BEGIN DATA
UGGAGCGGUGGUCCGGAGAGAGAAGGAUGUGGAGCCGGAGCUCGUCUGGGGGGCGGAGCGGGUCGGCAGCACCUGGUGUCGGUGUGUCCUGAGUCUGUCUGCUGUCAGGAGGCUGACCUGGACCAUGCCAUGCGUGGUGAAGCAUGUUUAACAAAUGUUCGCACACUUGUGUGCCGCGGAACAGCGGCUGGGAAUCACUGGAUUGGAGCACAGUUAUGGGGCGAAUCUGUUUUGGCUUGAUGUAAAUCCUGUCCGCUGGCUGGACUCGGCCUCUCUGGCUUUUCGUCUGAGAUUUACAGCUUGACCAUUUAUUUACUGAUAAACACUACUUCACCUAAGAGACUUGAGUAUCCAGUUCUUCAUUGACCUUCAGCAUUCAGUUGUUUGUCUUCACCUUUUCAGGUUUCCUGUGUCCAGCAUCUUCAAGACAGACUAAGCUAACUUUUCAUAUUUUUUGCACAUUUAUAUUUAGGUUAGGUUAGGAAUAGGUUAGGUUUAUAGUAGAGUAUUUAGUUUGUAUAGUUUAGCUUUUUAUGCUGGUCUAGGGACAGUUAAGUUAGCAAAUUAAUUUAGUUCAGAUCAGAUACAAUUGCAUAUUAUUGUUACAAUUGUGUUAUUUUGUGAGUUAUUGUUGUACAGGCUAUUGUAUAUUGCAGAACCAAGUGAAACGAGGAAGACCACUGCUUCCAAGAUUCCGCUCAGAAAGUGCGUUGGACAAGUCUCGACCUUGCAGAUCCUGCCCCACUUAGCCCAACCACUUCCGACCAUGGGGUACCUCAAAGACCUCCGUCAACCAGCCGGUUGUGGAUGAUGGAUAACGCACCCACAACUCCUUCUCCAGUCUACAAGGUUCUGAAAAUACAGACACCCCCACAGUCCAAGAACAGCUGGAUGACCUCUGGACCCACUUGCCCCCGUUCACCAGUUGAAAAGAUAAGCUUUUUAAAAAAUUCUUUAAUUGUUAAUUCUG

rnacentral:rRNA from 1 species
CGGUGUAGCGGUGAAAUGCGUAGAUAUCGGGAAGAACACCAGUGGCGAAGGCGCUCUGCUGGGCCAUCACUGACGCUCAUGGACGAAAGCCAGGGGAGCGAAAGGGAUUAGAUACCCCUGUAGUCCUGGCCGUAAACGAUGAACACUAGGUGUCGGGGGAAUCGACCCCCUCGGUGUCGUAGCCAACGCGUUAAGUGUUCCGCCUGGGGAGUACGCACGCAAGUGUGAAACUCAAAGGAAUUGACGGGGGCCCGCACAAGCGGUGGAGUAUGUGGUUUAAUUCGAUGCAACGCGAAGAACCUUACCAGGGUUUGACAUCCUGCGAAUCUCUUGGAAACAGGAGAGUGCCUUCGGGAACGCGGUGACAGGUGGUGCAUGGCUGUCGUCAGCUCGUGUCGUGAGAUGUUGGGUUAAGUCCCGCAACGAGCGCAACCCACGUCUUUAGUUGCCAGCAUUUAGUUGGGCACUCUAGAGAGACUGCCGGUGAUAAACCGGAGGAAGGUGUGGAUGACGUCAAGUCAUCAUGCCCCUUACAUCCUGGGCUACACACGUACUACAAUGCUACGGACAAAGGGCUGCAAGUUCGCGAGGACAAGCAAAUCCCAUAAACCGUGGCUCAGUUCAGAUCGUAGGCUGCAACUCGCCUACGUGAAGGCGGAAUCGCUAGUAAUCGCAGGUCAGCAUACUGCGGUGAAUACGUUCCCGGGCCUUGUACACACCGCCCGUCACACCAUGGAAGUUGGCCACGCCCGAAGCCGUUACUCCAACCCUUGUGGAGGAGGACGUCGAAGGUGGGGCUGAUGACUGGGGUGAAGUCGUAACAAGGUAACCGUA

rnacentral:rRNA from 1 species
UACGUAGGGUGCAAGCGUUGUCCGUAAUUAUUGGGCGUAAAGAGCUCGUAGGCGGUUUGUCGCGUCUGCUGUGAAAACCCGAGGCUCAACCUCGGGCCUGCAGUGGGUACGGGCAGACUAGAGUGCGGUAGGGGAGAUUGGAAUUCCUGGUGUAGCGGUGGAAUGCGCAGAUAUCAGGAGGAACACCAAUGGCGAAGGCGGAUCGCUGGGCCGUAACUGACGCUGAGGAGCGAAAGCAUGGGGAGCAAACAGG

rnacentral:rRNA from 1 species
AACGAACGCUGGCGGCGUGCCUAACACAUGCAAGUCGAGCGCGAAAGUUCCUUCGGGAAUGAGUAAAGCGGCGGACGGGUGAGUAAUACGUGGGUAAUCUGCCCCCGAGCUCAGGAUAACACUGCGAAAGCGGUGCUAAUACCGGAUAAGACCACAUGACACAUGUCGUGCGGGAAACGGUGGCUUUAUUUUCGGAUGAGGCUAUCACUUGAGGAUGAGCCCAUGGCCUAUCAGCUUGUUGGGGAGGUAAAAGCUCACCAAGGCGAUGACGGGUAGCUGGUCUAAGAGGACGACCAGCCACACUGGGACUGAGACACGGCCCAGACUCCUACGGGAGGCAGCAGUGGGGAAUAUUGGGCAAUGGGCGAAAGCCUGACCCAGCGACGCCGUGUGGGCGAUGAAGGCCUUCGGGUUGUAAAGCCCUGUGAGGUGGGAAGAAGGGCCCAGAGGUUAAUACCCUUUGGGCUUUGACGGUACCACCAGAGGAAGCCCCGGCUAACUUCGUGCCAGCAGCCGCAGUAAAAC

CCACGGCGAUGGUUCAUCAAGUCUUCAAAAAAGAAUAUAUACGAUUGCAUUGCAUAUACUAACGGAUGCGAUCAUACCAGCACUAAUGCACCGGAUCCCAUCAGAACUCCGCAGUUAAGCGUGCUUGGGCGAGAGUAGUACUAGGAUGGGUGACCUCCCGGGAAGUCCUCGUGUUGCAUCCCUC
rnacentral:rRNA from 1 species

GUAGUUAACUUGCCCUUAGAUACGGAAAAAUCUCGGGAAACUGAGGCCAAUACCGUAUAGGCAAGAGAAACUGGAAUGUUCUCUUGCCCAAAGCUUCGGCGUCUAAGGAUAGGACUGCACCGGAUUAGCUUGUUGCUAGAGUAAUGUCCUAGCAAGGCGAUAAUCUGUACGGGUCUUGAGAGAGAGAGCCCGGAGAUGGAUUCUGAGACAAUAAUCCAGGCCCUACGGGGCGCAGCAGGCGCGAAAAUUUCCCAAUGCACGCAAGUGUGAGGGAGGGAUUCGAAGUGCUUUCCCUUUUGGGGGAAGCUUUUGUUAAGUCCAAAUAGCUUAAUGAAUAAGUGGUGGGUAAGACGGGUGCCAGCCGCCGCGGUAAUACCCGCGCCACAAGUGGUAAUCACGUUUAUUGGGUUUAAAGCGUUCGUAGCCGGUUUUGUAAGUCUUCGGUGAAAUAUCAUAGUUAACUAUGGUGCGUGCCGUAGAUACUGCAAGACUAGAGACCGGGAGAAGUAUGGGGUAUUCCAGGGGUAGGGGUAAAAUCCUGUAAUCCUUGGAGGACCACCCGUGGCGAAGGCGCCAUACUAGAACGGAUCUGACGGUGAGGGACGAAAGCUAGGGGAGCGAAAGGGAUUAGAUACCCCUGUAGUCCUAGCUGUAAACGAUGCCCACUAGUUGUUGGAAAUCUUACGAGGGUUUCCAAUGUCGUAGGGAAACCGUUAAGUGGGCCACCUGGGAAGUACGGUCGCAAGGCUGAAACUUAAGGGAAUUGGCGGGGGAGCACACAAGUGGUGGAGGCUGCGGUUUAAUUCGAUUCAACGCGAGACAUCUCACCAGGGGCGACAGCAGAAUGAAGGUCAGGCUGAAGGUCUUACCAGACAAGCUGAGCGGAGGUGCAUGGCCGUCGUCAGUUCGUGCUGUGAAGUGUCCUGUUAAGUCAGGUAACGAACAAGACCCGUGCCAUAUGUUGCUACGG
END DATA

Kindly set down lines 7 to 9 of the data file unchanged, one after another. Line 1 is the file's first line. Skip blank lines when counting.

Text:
AACGAACGCUGGCGGCGUGCCUAACACAUGCAAGUCGAGCGCGAAAGUUCCUUCGGGAAUGAGUAAAGCGGCGGACGGGUGAGUAAUACGUGGGUAAUCUGCCCCCGAGCUCAGGAUAACACUGCGAAAGCGGUGCUAAUACCGGAUAAGACCACAUGACACAUGUCGUGCGGGAAACGGUGGCUUUAUUUUCGGAUGAGGCUAUCACUUGAGGAUGAGCCCAUGGCCUAUCAGCUUGUUGGGGAGGUAAAAGCUCACCAAGGCGAUGACGGGUAGCUGGUCUAAGAGGACGACCAGCCACACUGGGACUGAGACACGGCCCAGACUCCUACGGGAGGCAGCAGUGGGGAAUAUUGGGCAAUGGGCGAAAGCCUGACCCAGCGACGCCGUGUGGGCGAUGAAGGCCUUCGGGUUGUAAAGCCCUGUGAGGUGGGAAGAAGGGCCCAGAGGUUAAUACCCUUUGGGCUUUGACGGUACCACCAGAGGAAGCCCCGGCUAACUUCGUGCCAGCAGCCGCAGUAAAAC

CCACGGCGAUGGUUCAUCAAGUCUUCAAAAAAGAAUAUAUACGAUUGCAUUGCAUAUACUAACGGAUGCGAUCAUACCAGCACUAAUGCACCGGAUCCCAUCAGAACUCCGCAGUUAAGCGUGCUUGGGCGAGAGUAGUACUAGGAUGGGUGACCUCCCGGGAAGUCCUCGUGUUGCAUCCCUC
rnacentral:rRNA from 1 species